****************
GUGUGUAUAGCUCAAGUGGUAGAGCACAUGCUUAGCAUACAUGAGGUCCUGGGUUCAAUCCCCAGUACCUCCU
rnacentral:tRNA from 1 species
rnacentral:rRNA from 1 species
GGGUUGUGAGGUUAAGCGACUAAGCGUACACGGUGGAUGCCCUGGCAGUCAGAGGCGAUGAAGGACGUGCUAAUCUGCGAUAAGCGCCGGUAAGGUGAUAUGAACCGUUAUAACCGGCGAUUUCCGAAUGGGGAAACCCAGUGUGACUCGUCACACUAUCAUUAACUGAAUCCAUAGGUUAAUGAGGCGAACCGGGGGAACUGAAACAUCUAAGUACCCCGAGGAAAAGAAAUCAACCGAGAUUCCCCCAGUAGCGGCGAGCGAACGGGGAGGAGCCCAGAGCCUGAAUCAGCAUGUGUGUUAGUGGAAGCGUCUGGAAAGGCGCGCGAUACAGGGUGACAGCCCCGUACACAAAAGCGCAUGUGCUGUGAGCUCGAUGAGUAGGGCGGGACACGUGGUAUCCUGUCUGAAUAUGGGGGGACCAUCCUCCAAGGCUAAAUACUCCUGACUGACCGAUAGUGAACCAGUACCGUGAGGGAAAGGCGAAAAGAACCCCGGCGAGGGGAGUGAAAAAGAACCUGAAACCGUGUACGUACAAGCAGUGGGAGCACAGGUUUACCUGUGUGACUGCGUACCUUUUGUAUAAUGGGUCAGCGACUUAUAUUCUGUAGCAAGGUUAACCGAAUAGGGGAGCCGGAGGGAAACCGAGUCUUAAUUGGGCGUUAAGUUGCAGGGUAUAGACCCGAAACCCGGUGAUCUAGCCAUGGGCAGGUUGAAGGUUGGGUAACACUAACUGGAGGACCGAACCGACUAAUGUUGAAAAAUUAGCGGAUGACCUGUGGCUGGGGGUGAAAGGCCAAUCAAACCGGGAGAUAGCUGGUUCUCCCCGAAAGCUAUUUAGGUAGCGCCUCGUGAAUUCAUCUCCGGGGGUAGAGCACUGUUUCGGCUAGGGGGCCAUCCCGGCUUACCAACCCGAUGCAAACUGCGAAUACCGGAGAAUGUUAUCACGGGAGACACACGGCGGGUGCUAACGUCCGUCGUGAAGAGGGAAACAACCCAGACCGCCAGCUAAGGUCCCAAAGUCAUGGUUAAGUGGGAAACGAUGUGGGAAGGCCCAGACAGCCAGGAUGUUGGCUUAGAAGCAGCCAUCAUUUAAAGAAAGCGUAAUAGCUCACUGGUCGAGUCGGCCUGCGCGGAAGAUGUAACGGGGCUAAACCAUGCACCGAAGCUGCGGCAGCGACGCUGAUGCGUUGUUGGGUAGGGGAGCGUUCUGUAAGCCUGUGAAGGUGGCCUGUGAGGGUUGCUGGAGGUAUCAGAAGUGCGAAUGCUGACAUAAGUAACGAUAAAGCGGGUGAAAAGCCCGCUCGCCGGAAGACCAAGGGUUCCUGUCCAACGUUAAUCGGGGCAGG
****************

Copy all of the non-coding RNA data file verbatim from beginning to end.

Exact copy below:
GUGUGUAUAGCUCAAGUGGUAGAGCACAUGCUUAGCAUACAUGAGGUCCUGGGUUCAAUCCCCAGUACCUCCU
rnacentral:tRNA from 1 species
rnacentral:rRNA from 1 species
GGGUUGUGAGGUUAAGCGACUAAGCGUACACGGUGGAUGCCCUGGCAGUCAGAGGCGAUGAAGGACGUGCUAAUCUGCGAUAAGCGCCGGUAAGGUGAUAUGAACCGUUAUAACCGGCGAUUUCCGAAUGGGGAAACCCAGUGUGACUCGUCACACUAUCAUUAACUGAAUCCAUAGGUUAAUGAGGCGAACCGGGGGAACUGAAACAUCUAAGUACCCCGAGGAAAAGAAAUCAACCGAGAUUCCCCCAGUAGCGGCGAGCGAACGGGGAGGAGCCCAGAGCCUGAAUCAGCAUGUGUGUUAGUGGAAGCGUCUGGAAAGGCGCGCGAUACAGGGUGACAGCCCCGUACACAAAAGCGCAUGUGCUGUGAGCUCGAUGAGUAGGGCGGGACACGUGGUAUCCUGUCUGAAUAUGGGGGGACCAUCCUCCAAGGCUAAAUACUCCUGACUGACCGAUAGUGAACCAGUACCGUGAGGGAAAGGCGAAAAGAACCCCGGCGAGGGGAGUGAAAAAGAACCUGAAACCGUGUACGUACAAGCAGUGGGAGCACAGGUUUACCUGUGUGACUGCGUACCUUUUGUAUAAUGGGUCAGCGACUUAUAUUCUGUAGCAAGGUUAACCGAAUAGGGGAGCCGGAGGGAAACCGAGUCUUAAUUGGGCGUUAAGUUGCAGGGUAUAGACCCGAAACCCGGUGAUCUAGCCAUGGGCAGGUUGAAGGUUGGGUAACACUAACUGGAGGACCGAACCGACUAAUGUUGAAAAAUUAGCGGAUGACCUGUGGCUGGGGGUGAAAGGCCAAUCAAACCGGGAGAUAGCUGGUUCUCCCCGAAAGCUAUUUAGGUAGCGCCUCGUGAAUUCAUCUCCGGGGGUAGAGCACUGUUUCGGCUAGGGGGCCAUCCCGGCUUACCAACCCGAUGCAAACUGCGAAUACCGGAGAAUGUUAUCACGGGAGACACACGGCGGGUGCUAACGUCCGUCGUGAAGAGGGAAACAACCCAGACCGCCAGCUAAGGUCCCAAAGUCAUGGUUAAGUGGGAAACGAUGUGGGAAGGCCCAGACAGCCAGGAUGUUGGCUUAGAAGCAGCCAUCAUUUAAAGAAAGCGUAAUAGCUCACUGGUCGAGUCGGCCUGCGCGGAAGAUGUAACGGGGCUAAACCAUGCACCGAAGCUGCGGCAGCGACGCUGAUGCGUUGUUGGGUAGGGGAGCGUUCUGUAAGCCUGUGAAGGUGGCCUGUGAGGGUUGCUGGAGGUAUCAGAAGUGCGAAUGCUGACAUAAGUAACGAUAAAGCGGGUGAAAAGCCCGCUCGCCGGAAGACCAAGGGUUCCUGUCCAACGUUAAUCGGGGCAGG